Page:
Mao Tse-tung (Zedong) was the official first leader to The Central Committee of the Communist Party of China, and no other name in the history of modern China has a more synonymous connotation with the total practice of communism and collectivism than Mao. Born on December 28, 1893, Mao was brought up in a predominantly non-industrialized, agrarian society that had gone through little social change in centuries. The country suffered from extreme poverty, isolationism, illiteracy, disease and infighting among various political figures.
A natural born charismatic leader, Mao had an insightful view into the feelings of his countrymen. Beginning in the 1920s and through the 1940s, his communist lead revolution was able to out fight and maneuver an invading Japanese army and effectually push out his Nationalist Party rival, Chaing Kai-shek. While the Marxist theory of communism focused more on a working class party, Mao was able to take the men and women of China’s farming class and bring about a far-reaching revolutionary change.
The beginnings of Mao’s leadership lent great promise but his actions after the revolution in regards to the “Great Leap Forwards” resulted in seeing millions of his countrymen die, than a change for the better. During Chairman Mao’s Great Leap Forward campaign, it seemed to be his genuine intention to bring China into a new age and “walk on two legs”, as he like to refer to it. The analogy was the understanding that one leg cannot propel a man forward, and it takes two entities working together for the need of the body as a whole.
Mao simultaneously wanted to boost farm production and modernize industry like others had done. However, his hasty idea of turning farmers into an industrial working class of people to advance China was an utter disaster. In historian, Frank Dikotter’s work, “Mao’s Great Famine: The History of China’s most devastating catastrophe, 1958-62” we learn in detail about the effects of Mao’s Great Leap Forward campaign. We read in part, Signs of famine had appeared in 1958. In the first half of 1959 starvation became widespread, as villagers were hit by increased procurements ordered by the state.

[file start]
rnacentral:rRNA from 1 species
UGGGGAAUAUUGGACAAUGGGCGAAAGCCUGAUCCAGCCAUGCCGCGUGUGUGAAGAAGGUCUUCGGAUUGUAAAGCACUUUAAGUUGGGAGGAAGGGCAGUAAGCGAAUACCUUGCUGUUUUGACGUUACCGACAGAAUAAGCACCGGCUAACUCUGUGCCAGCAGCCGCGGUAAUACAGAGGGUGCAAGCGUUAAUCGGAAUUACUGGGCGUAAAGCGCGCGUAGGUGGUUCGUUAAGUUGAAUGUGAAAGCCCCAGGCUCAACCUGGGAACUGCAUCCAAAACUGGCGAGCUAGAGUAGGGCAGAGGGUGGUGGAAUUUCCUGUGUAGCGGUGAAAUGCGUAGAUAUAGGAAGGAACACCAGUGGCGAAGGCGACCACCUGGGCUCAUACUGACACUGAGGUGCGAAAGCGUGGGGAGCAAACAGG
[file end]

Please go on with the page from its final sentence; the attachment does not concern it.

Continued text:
Evan a zealot like Tan Zhenlin estimated that as early as January some 5 million people were suffering from famine oedema, 750,000 having starved to death. Zhou Enlai put the letter figure at 120,000. Both men were far below the mark, but had little incentive to investigate further. Mao was aware of the famine but downplayed it by circulating reports showing that villages in distressed regions were getting enough food, up to half a kilo per day in model province Henan. On the ground, local cadres were unsure how to respond, bewildered by the shifting and contradictory signals emerging from Beijing.
At the top of the leadership was taken aback by Mao’s outburst in Shanghai; it was an omen of things to come (Dikotter, P. 89). It has been stated that when Mao died after his 30-year reign, his only legacy was the political and economic devastation of China. In my research I will attempt to explain why the policies of Mao propelled China into a regressed state rather than a progressive one. I will explain why Mao’s policies failed along with comparing them, to a lesser degree, to his successful field campaigns before his role as Chairman.